Friday, September 2, 2011

Cattle Raiders Killed Two Widows

Two Active members of Women of Hope Mission (WHOM) were shot by cattle raiders on their way to fetch water. The ladies had also lost their husbands in the same way-through the barrel of guns. One of the victims was Susan Okore. Her husband was killed 2004; in 2008 she remarried to a brother of her late husband Hillary. Okore left behind five children, the youngest is 3 months old.
The second victim, Icerer Oloi, lost her husband last October in the same circumstances. She did not remarry until her brutal death on June 3th, 2011. She left behind four children. The youngest child is four years old. Inter and Intra tribal cattle raiding in eastern Equatoria State (EES)between members of the Otuho, Boya, Logir, Toposa, Lopit and other ethnic groups killed a great number of young men and women. Of recent, the number of women killed has tremendously increased. There have been numerous raids, but this is the most violent of the other major incidents since the signing of the Comprehensive Peace Agreement (CPA) in 2005. For the second time WHOM has lost all 8 trained oxen in the hands of warriors.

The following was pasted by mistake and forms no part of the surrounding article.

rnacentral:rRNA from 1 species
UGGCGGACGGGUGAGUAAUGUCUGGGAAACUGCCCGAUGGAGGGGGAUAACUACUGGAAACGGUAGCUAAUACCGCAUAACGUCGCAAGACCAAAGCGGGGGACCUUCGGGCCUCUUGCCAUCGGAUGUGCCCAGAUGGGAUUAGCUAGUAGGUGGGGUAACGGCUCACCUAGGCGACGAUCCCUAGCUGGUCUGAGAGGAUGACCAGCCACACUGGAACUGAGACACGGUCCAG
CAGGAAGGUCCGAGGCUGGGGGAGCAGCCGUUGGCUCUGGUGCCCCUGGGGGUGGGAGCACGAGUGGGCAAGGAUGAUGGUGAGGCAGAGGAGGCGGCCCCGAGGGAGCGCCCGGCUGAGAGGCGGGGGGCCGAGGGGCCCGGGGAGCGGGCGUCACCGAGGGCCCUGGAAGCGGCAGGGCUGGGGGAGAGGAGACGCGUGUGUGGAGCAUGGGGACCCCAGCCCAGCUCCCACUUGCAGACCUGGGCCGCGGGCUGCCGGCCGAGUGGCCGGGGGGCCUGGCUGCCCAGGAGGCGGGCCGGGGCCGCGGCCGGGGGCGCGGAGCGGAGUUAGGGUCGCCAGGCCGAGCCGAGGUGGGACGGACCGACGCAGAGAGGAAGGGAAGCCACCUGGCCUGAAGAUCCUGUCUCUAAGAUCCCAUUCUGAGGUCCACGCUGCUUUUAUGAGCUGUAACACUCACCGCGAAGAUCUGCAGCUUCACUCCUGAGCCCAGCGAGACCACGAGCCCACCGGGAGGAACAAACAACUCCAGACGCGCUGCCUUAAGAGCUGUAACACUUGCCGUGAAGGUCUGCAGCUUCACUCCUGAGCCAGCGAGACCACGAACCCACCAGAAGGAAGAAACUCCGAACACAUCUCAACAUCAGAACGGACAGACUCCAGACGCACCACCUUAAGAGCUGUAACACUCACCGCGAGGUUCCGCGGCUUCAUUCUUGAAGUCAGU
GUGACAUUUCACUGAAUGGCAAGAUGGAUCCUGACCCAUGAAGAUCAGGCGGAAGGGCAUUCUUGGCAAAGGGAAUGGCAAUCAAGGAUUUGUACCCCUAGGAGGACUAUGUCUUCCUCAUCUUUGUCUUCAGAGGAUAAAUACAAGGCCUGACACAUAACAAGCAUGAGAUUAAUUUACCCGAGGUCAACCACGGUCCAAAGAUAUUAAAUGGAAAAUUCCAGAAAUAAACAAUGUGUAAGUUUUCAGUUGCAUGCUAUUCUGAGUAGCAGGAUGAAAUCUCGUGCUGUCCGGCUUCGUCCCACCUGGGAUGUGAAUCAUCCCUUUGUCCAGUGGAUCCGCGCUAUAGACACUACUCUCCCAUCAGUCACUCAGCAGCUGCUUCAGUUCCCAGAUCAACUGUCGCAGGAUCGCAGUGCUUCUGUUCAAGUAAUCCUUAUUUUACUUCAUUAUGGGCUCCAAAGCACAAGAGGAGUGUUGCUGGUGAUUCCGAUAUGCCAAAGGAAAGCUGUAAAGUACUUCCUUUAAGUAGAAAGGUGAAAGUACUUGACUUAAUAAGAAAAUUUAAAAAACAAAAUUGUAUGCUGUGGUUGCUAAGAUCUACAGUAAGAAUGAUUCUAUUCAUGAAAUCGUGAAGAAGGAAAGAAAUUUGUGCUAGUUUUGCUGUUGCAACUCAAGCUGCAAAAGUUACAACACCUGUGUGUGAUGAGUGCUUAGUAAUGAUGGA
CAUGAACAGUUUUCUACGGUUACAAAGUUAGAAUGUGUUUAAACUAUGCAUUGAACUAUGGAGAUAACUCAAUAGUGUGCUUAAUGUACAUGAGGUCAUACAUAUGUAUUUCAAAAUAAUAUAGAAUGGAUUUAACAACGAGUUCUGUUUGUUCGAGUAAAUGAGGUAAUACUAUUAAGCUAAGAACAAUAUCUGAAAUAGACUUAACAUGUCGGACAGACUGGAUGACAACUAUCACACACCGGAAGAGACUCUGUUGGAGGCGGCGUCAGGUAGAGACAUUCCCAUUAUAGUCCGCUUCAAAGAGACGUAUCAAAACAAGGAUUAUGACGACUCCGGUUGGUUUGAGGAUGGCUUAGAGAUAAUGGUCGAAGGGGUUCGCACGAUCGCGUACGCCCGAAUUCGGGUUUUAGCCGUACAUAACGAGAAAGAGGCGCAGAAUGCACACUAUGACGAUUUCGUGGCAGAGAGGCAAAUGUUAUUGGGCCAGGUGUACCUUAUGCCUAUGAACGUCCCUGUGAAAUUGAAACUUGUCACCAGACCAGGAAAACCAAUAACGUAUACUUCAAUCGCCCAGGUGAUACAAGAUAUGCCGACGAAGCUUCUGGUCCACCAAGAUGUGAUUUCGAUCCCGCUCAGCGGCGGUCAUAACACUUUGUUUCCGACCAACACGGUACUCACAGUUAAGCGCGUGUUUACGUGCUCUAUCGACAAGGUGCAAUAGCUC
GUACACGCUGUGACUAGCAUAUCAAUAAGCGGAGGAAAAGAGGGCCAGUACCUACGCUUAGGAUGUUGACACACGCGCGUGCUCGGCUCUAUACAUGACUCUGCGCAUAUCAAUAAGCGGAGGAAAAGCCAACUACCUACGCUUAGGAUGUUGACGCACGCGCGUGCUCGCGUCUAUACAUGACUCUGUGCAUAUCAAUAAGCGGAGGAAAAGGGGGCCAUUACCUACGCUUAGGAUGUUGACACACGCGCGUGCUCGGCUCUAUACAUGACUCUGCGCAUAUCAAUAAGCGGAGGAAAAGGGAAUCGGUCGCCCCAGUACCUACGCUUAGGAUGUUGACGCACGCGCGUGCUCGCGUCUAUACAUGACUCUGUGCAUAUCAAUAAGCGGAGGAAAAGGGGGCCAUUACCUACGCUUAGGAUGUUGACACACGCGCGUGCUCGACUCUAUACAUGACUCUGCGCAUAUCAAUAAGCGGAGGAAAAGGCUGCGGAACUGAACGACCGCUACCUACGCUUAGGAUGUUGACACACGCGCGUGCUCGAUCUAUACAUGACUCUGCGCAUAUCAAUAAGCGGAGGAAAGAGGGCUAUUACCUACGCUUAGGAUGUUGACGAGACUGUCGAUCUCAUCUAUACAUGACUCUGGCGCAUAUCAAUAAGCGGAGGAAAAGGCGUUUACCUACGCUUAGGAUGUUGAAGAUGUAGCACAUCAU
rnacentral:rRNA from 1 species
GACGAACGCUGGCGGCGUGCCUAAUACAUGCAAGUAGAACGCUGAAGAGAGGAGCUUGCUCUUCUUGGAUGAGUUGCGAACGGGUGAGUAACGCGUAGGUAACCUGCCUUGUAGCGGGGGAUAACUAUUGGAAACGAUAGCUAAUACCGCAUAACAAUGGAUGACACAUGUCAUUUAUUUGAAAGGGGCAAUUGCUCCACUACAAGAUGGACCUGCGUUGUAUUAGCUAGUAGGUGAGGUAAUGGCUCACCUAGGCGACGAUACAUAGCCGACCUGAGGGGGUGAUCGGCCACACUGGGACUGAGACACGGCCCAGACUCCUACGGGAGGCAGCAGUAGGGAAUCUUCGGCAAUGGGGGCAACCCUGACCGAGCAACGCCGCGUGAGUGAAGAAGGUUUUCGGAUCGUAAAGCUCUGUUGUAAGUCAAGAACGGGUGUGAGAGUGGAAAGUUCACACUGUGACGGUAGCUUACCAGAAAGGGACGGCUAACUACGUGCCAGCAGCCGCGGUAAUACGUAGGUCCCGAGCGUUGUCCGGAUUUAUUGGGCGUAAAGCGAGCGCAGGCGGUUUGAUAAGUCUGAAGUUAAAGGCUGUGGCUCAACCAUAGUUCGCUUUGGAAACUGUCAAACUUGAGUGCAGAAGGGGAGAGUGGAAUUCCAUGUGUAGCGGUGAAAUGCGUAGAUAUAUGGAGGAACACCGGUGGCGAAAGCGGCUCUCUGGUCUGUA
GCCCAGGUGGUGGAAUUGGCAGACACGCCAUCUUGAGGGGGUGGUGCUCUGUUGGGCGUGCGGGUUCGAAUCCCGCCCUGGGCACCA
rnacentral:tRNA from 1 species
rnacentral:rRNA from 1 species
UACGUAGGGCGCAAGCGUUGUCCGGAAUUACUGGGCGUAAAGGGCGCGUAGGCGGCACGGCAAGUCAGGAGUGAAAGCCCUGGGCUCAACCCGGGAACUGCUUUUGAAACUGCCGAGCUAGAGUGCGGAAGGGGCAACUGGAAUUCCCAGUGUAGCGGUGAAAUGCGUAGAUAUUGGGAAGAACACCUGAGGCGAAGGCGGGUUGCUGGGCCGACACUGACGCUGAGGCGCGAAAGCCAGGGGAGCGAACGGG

The CPA was signed by North and South Sudan in 2005, ending 22 years of civil war. South Sudan was officially declared an independent country in July. Bringing cattle raiding attacks under control will be a significant challenge for the new country. This cattle raiding should not be ignored because the raiders are well armed. These guns were gotten during the civil war.